#TurksandCaicosIslands – The Premier has doubled down on the commitment to not cut civil servants salaries. Sharlene Robinson, also the country’s Minister of Finance defended her office and PDM Administration on its intention for terminal benefits for Civil Servants.
“To project that there should be a sacrifice at this time is premature or to state that TCIG can not commit has been mischaracterized following a release from the President of the CSA. I believe it is important to clarify by saying that the state of finances in this country and the uncertainty around the finances that exists has seen TCIG seek to borrow to stabilize its cash flow to meet existing commitments including high fixed costs like salaries and will honour commitments made.
We remain committed to the public service and have over the years demonstrated this,” said Premier Robinson in a statement issued November 26.
The Covid-19 pandemic has shoved the Turks and Caicos into recession. Global tourism took the hardest hit and for this tourism dependent jurisdiction, that means earnings are down, government spending is down but the unexpected costs linked to the virus which has sickened 64.5 million people across the globe, including 750 Turks and Caicos residents has stymied plans to honour the government’s commitments to the public sector.
The promise is however, five-years old.
“On coming to Office, I met with the then President of the CSA and members of the Executive. Following that meeting I also spoke with the Deputy Governor who advised that the committee appointed in 2015 had been able to progress the work further due to other pressing commitments. We agreed that a consultant can carry out the task and I offered to fund it. This offer was accepted and the consultant was retained,” explained the Premier.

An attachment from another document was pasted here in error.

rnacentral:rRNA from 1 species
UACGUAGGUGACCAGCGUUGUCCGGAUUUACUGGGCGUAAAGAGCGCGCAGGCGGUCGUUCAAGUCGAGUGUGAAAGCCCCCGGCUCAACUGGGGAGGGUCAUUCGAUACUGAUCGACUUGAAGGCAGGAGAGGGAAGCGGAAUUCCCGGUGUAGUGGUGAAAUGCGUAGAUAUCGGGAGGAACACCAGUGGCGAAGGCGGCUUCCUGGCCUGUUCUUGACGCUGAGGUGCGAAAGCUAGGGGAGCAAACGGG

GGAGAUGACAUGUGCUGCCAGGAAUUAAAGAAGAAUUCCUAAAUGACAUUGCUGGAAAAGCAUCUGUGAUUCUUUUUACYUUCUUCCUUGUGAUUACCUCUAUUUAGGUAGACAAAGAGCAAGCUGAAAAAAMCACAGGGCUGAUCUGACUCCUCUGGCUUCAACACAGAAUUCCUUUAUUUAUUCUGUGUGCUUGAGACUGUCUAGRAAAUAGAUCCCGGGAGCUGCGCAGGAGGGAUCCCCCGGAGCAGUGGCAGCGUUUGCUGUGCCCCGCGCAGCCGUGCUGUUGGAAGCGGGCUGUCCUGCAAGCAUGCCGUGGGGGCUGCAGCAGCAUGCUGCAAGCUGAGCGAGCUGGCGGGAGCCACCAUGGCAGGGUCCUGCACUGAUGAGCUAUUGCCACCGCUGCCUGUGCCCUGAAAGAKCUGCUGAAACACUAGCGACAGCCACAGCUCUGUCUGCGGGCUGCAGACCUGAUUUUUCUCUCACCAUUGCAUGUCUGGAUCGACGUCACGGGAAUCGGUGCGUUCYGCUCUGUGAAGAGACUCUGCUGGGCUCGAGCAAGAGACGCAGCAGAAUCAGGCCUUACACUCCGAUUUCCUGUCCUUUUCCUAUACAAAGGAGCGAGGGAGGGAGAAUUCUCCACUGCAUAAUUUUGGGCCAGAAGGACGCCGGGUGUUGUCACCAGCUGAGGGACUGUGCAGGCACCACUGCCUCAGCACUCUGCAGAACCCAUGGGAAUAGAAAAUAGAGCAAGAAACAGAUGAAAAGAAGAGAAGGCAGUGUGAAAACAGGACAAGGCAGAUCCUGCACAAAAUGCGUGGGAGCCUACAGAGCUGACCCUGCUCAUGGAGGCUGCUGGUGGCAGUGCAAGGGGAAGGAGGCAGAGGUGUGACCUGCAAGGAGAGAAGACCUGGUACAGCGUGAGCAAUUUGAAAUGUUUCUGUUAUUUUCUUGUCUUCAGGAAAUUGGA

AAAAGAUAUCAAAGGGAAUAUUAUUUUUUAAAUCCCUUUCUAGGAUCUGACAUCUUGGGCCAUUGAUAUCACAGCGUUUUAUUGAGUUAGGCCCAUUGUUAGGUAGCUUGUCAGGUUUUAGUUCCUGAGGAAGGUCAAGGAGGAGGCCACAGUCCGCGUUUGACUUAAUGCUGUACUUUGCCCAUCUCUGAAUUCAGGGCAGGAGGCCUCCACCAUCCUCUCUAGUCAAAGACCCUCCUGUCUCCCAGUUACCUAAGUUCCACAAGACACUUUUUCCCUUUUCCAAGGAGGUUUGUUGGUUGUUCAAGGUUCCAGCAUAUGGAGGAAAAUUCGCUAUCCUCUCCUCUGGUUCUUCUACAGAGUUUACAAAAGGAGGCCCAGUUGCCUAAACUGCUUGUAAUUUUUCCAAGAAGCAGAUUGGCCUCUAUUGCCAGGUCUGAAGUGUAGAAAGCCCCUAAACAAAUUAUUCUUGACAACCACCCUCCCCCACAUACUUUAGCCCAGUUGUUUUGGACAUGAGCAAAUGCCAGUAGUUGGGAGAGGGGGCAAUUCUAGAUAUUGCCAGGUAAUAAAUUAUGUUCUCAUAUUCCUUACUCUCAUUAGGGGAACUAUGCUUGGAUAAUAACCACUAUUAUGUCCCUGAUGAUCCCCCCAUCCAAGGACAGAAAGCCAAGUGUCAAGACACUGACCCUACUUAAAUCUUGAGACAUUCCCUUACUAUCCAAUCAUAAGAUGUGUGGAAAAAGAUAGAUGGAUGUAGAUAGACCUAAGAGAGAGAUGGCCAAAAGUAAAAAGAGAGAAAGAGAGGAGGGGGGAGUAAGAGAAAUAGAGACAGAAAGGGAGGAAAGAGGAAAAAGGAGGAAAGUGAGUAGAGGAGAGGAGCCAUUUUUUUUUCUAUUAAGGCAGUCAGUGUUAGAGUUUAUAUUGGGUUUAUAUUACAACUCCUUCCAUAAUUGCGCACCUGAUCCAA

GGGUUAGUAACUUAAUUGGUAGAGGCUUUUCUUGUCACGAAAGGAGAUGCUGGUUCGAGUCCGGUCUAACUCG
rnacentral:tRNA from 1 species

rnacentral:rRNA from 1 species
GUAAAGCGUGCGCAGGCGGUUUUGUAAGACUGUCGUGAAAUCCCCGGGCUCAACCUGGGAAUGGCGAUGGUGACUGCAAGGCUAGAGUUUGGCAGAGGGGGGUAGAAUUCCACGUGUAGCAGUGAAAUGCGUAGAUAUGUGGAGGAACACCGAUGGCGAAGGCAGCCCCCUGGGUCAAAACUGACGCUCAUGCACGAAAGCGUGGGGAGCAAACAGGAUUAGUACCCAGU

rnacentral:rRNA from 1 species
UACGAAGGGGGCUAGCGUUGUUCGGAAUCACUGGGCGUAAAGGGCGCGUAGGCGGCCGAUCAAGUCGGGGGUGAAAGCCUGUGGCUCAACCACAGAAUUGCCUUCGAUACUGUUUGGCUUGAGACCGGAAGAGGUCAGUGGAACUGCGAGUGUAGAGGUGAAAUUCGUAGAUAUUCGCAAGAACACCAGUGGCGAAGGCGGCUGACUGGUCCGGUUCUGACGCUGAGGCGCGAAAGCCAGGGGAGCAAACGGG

The matter has reached the Cabinet level, said the Premier, but it is not concluded.
“Until these costs are assessed, TCIG cannot and has not taken a decision. The matter of the pandemic and the resultant economic crisis has been time consuming and has certainly been a priority but our commitment has not waivered. We are asking the President and the CSA family to rest assured that this remains a commitment but also to note as I publicly stated that the Budget for 2021 will be late and will come within a new Administration.”
In listing other opportunities and benfits in the public sector, Premier Sharlene Robinson noted that increments have returned, a credit union for the civil service on the cutting board and “Despite overtures to cut salaries, on rising to bring the national budget this year, I assured the CSA that TCIG will not take a look at cutting salaries as a response to carry TCI’s finances through what has been a troubling year for the country but will do as economists advise.”